UK Politics

Conservative Party: Labour SpAds caught exploiting Civil Service

News   •   Feb 08, 2010 11:09 GMT

Francis Maude, the Shadow Minister for the Cabinet Office, reveals that special advisers have broken Whitehall rules by instructing civil servants to produce attacks on Conservatives.

"It is apparent that Labour has once again compromised the impartiality of the Civil Service and used the taxpayer-funded service for political attacks", he said.

Whitehall probity rules prohibit government resources being used for Party political purposes; that Special Advisers must not ask civil servants to act politically; and that Special Advisers should not act in ways that "might reasonably lead to the criticism that people paid from public funds are being used for party political purposes".

Despite this, new information revealed by Freedom of Information requests shows:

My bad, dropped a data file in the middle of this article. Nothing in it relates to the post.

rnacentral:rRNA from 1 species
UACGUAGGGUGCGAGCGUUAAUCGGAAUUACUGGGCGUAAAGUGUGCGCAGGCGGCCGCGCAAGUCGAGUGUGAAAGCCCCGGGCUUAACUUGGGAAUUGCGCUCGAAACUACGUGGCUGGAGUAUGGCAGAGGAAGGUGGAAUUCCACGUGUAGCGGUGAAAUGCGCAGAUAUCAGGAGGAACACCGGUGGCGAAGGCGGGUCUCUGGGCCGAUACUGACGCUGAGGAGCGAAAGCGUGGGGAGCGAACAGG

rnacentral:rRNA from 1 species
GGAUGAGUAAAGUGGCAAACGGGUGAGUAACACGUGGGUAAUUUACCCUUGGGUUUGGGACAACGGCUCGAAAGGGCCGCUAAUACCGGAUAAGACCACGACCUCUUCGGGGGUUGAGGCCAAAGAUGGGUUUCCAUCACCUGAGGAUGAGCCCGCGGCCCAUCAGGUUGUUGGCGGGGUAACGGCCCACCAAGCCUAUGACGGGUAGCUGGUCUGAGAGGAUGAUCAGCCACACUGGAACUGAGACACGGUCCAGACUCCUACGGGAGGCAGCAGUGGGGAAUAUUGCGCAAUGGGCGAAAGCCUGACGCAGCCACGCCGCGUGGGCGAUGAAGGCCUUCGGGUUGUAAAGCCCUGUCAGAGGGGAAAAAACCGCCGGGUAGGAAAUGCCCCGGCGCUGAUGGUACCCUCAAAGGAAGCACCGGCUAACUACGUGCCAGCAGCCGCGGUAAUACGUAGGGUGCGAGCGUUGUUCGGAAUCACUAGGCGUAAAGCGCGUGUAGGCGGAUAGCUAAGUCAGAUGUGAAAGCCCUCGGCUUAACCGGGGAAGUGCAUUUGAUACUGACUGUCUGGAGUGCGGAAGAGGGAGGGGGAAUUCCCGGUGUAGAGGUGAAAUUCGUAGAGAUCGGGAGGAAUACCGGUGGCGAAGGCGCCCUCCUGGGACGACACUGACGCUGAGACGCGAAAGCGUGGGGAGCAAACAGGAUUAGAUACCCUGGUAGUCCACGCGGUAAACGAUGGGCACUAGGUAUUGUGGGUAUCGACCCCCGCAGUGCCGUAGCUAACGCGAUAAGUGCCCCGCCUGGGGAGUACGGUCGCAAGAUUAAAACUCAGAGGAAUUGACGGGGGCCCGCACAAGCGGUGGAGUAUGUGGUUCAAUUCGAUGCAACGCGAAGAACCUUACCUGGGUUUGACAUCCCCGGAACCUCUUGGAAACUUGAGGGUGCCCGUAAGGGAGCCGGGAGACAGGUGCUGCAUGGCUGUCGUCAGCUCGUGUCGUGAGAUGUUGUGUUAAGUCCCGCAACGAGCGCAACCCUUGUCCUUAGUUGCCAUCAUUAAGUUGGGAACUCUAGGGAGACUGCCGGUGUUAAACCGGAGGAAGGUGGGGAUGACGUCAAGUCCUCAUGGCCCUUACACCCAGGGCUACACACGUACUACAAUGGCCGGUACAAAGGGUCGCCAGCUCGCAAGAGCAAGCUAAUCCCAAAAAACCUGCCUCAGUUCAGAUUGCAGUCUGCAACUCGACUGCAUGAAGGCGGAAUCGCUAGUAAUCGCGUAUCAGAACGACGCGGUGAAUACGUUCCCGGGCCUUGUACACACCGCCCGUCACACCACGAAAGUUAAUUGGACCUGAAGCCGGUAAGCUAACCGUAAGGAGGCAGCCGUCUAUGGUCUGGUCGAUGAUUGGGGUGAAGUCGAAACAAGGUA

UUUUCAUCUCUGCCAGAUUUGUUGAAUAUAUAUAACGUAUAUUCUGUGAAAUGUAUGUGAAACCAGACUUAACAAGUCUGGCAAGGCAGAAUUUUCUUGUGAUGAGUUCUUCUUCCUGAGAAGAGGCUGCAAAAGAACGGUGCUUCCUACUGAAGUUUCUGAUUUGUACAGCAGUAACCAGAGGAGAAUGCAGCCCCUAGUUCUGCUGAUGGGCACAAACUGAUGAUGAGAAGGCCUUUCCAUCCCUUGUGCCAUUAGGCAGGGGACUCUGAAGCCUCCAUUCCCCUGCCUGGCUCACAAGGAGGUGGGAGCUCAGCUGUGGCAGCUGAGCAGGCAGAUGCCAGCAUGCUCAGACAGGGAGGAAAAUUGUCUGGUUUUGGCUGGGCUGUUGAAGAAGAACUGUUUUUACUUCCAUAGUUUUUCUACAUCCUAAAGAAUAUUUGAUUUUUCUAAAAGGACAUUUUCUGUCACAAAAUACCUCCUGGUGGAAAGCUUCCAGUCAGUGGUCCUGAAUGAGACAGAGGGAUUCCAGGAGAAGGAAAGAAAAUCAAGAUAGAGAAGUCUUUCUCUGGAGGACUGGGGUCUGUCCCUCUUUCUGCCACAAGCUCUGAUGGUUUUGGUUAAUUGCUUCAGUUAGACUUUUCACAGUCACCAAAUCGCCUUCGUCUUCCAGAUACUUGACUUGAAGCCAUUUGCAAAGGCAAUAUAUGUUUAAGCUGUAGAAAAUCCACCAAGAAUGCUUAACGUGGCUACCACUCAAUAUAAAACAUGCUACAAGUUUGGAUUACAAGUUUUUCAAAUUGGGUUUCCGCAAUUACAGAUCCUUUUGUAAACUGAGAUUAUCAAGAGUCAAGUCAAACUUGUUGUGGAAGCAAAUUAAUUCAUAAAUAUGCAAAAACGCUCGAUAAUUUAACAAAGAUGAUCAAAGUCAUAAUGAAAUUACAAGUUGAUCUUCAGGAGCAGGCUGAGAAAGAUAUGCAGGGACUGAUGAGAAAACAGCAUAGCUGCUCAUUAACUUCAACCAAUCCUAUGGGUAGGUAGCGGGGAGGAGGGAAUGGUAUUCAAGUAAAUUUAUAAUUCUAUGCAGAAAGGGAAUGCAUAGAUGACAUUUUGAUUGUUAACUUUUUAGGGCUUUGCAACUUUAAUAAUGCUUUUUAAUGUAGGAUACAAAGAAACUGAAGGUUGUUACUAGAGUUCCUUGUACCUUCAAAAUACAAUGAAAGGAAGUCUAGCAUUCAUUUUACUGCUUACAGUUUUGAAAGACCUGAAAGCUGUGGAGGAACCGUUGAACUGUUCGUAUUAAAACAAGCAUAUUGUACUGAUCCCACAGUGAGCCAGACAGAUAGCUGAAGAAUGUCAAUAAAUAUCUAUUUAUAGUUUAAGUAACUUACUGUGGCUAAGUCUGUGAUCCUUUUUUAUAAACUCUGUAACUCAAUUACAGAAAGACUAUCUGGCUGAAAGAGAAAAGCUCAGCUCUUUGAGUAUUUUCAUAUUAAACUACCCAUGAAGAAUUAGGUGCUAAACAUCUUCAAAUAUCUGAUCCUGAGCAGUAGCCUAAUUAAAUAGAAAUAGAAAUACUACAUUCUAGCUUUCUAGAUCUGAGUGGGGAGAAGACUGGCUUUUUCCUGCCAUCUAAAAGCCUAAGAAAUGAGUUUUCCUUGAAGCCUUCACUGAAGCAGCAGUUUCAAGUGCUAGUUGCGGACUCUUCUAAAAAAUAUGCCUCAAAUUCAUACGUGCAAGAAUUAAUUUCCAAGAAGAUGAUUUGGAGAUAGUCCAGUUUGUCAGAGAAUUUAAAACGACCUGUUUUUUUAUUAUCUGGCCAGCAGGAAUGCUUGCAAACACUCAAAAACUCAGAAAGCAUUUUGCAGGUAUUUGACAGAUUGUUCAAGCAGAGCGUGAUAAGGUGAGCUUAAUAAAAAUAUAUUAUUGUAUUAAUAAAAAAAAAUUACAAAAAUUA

• Treasury Special Advisers demanded material "ASAP" from civil servants to attack the launch of the Conservative Party's Quality of Life policy review.
  • With no notice, they demanded immediate costings to smear Iain Duncan Smith's Breakthrough Britain report launched that morning.
  • Costings on the Conservative Party's council tax freeze policy were demanded on 20 November 2009 - then to appear in the Labour Party's dossier on 4 January 2010. The work was commissioned at a time of economic turmoil – when Treasury Special Advisers should actually have been dealing with significant developments involving the OECD, CBI and the Bank of England.

Opposition costings are not new, yet none of these related to upcoming Parliamentary debates or consideration of the merits of policies that the government might want to adopt.

The First Division Association has warned that in the run up to an election campaign, "such exercises are an abuse of Civil Service resources provided by taxpayers, and threaten to subvert the political impartiality of the service".

The Conservatives have written to the Cabinet Secretary demanding an investigation, with a view to potential disciplinary proceedings against the Special Advisers.

Maude added: "Public confidence in Special Advisers was severely shaken by the Damian McBride incident and it is imperative that Special Advisers adhere to the Code of Conduct clearly set out for them"